In light of the growing concern related to Google cyber attack, we're re-posting this column, which originally ran October 19, 2009.
Gladiators and jousters, Wild West gunslingers and kamikaze pilots, are long retired to history books and celluloid epics, each a reminder of war tactics from a bygone era. They're supplanted today by anonymous warriors--pseudonyms sitting in virtual garrisons, spying, probing, and launching attacks from non-descript buildings all over the world. This is not your father's war. It's not even your older brother's war. In cyberwarfare, there may be no victors, no spoils, just havoc, theft, and assault.
Those who cling mindlessly to notions of war driven by sovereignty and territorial conquest through armed forces should look no further than the specter of current events, where warlords live in caves and their henchmen strap on home-made explosives. Take shock value and terror and layer in the Internet's abstraction and suddenly those who hate or feel disenfranchised or seek wealth or yearn for sanity, or whatever else, gain instant targets and instant audience, and an almost-impossible cave to find.
New wars call for new rules and new definitions. Kris Herrin, chief security officer of Heartland Payment Systems, recently riveted banking industry veterans, as he often does when he folds his company's disastrous security breach inside out. The Russian hackers who breached Heartland and stole its data late last year outsource their malware development to India, have customer service guarantees, offer a help desk, and provide a fully automated attack platform (you can select a target and an attack method, much as you would customize a hand bag online).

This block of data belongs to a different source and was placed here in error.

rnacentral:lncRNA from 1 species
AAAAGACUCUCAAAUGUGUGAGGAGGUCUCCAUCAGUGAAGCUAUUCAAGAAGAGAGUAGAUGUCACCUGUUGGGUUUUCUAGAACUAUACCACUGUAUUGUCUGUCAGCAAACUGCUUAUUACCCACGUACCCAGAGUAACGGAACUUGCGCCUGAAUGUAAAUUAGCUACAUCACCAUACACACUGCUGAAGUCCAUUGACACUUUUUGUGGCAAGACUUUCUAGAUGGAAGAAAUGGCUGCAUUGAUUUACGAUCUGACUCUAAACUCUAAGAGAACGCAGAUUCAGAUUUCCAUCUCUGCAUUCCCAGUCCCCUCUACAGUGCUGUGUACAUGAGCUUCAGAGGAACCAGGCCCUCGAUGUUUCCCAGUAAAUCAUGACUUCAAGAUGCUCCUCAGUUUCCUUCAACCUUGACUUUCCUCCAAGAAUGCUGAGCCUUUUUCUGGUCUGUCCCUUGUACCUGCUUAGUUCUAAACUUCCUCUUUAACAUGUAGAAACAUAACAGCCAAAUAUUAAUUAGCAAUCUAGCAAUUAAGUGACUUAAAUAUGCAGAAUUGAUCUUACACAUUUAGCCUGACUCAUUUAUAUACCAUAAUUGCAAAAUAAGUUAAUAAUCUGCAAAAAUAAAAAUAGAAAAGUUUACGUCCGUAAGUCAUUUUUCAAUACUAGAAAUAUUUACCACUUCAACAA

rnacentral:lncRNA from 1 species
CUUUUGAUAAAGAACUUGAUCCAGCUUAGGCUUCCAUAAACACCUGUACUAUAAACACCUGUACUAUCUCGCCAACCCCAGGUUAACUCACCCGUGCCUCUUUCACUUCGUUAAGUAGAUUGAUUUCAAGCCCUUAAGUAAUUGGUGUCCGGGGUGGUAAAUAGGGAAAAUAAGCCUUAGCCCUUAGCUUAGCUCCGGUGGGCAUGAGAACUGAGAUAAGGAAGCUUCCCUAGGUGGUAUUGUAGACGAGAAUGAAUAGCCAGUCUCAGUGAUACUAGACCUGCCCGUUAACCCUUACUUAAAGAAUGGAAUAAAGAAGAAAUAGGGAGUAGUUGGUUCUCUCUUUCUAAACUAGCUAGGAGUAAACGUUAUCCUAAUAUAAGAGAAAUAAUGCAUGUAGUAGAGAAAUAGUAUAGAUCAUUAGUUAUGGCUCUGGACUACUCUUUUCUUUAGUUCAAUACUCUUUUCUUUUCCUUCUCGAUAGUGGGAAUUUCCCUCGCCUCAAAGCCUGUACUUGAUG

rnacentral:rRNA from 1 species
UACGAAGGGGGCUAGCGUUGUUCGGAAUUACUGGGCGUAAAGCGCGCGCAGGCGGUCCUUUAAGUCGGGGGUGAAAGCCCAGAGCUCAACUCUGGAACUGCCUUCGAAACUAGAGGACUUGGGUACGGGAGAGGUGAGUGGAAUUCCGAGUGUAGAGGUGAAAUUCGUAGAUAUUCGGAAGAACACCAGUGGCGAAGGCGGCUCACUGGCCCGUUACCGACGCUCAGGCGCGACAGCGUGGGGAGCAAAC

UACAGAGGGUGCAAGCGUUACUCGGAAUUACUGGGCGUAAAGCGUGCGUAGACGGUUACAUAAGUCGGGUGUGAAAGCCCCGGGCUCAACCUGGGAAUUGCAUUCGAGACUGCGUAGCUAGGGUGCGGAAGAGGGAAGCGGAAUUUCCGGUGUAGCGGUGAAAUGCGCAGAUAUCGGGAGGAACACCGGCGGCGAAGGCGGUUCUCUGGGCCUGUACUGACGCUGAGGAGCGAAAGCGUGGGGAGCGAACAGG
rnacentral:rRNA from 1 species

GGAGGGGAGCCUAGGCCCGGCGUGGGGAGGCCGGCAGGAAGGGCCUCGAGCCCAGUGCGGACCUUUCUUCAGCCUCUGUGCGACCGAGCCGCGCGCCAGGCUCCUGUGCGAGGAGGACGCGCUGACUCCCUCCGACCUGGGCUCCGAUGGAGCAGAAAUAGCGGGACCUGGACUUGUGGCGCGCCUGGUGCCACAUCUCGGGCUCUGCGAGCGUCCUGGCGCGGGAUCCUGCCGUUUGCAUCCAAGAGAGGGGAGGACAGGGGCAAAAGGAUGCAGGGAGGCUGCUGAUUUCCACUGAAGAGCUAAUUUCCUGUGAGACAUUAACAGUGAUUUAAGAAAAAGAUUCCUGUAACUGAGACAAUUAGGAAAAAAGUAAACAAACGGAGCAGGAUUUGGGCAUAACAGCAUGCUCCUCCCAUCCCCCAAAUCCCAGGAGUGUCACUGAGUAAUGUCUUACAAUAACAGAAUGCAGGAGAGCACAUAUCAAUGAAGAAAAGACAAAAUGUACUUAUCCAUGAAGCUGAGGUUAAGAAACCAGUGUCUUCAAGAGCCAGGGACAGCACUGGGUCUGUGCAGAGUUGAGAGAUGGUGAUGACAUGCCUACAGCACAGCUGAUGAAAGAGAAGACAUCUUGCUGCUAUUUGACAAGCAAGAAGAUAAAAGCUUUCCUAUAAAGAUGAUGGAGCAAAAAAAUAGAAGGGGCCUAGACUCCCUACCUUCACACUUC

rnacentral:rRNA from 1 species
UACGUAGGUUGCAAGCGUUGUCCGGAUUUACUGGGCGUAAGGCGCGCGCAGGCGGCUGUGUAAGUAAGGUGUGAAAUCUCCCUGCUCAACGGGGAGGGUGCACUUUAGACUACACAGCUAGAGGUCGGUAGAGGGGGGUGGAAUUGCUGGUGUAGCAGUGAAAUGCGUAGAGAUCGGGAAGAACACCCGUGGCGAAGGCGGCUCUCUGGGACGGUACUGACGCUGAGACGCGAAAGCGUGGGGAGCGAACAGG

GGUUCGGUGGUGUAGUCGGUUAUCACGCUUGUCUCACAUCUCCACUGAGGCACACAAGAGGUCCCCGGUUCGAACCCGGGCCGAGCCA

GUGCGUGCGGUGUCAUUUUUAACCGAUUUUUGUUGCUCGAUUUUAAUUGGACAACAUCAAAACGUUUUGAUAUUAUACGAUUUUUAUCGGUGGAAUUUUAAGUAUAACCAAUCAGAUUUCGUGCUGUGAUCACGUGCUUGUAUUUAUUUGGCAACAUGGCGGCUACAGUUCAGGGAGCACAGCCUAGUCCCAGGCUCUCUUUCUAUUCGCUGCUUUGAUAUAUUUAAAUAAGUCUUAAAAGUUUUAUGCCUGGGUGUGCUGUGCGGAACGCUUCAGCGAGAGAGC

It would be easy enough to label this cybercrime, but Russian civilians have engaged in cyberattacks against neighboring Georgia. During Herrin's talk, a Bank of America executive reminded the audience that the Department of Homeland Security revealed that Al-Qaeda had attacked banks worldwide to the tune of hundreds of millions of dollars to fund its operations. Cybercrime, or cyberwarfare? The Russian outfit that attacked Heartland breached 300 financial institutions. If they marched into America as armed militia, or took out electric grids with guns and tanks, would that be crime or war? The lines blur.
Fear and outrage followed North Korea's alleged infiltration of the Department of Justice and Federal Trade Commission computer systems. The U.S. reportedly hacked into Iran's systems early this decade to monitor that country's nuclear program. The New York Times reported that U.S. soldiers lured Al-Qaeda into a death trap by hacking into a computer and falsifying information. There are numerous reports on persistent probes from Chinese hackers into U.S. systems, including network operators penetrating several electric grids. Some government officials suspect China of building trapdoors (hidden code or altered physical layers) into the chips that run many of our computer systems.